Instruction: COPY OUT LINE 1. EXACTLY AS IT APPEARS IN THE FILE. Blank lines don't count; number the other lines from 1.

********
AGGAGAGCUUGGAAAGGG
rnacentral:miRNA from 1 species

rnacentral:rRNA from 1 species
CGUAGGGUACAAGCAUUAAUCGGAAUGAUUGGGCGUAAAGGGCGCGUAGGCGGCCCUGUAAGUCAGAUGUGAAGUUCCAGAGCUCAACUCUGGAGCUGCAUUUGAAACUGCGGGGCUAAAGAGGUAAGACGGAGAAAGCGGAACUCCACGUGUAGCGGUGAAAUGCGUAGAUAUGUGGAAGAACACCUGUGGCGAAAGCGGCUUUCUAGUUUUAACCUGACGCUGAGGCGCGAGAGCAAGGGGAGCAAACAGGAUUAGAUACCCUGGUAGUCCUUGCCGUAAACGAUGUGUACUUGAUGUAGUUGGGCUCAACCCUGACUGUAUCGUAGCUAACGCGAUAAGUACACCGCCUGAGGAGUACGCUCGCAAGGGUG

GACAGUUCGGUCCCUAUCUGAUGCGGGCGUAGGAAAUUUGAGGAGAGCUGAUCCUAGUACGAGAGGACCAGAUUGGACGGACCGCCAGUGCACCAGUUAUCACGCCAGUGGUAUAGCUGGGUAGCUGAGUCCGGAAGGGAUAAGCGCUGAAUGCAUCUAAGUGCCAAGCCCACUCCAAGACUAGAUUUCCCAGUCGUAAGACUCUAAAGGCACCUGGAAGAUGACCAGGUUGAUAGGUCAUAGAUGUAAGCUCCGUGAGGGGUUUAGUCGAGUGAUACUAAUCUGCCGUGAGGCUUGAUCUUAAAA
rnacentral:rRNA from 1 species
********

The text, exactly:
AGGAGAGCUUGGAAAGGG